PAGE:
Description: Hanging scroll, ink, color and gold on silk; the suijaku mandala featuring the goddess Sarasvati seated padmasana with eight arms bearing protective martial attributes and the coiled snake Ugajin on her head, flanked by Mahakala (J. Daikoku) and Vaishravana (J. Bishamonten) with the jugo doji or fifteen disciples on a rocky island lapped with churning waves and clouds surrounding a jewel-topped mountain, the sun and moon emblems above
38 3/8 x 18 5/8in (97.4 X 47.1cm)
Request more information
???? ?? ???? 16??
When Buddhist art forms were introduced to Japan beginning in the 6th century, Shinto gods came to be shown in hybrid form with Buddhist counterparts. In this painting, Benzaiten, the Buddhist deity of music and fortune, is depicted syncretically with the Shinto god of harvest as Uga Benzaiten. Benzaiten, also known popularly as one of the Seven Gods and Goddesses of Fortune, is syncretized with Ugajin, the Shinto god of good harvests.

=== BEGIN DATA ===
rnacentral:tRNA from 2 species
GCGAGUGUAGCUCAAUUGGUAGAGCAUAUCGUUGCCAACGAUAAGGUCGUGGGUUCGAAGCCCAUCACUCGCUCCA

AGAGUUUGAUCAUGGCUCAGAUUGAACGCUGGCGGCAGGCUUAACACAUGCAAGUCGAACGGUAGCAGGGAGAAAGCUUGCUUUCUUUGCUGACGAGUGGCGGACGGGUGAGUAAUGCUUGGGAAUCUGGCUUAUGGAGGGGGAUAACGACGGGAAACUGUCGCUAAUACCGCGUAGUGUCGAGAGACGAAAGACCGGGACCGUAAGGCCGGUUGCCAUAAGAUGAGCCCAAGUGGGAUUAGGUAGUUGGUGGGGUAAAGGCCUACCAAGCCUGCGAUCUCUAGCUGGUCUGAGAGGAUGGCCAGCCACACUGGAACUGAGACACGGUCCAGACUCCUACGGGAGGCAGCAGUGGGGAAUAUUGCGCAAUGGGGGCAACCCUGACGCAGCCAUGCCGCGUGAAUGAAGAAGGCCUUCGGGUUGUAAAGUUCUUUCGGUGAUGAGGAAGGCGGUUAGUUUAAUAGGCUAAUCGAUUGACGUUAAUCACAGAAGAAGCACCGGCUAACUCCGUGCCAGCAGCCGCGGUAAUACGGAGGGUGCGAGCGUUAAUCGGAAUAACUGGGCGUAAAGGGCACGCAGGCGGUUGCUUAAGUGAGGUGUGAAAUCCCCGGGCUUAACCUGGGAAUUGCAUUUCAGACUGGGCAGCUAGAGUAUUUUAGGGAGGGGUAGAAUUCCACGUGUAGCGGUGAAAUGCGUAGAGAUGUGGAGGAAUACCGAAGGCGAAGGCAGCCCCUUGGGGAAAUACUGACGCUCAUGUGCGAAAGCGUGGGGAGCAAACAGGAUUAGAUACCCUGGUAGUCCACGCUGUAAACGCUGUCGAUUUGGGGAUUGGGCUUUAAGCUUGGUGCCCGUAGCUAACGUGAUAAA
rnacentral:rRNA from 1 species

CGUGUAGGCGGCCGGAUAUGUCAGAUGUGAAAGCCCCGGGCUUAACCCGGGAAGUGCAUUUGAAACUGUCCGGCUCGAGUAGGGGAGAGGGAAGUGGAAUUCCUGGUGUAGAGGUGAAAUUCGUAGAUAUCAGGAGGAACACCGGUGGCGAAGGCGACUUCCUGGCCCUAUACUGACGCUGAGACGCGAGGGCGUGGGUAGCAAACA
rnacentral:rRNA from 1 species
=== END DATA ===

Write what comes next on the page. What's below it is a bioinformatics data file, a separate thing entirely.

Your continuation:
Benzaiten worship goes back to the 13th century and her iconography is described in The Three Sutras of Benten. She is described as eight-armed and holding different weapons – a spear, wheel, bow, sword, club, lock, arrow, and the sacred jewel or hoju. She and Ugajin share the snake and dragon as part of their iconography. On Benzaiten's head is a coiled snake with an elderly person's face and at the bottom, a dragon with the dragon king can be seen. According to legend, the dragon king made an offering to Benzaiten and the pairing of a cart and boat seen at the bottom, are also symbols associated with the deity. The bundles on the cart and boat symbolize a plentiful harvest.
The sun and moon, symbols of the forces of nature, are seen at the top of the painting. Benzaiten is accompanied by the Buddhist deities Daikokuten on the right and Bishamonten on the left. She is also shown with her fifteen attendants who also hold special attributes. A painting with very similar iconography can be found in the collection of the Museum of Fine Arts Boston (11.4078).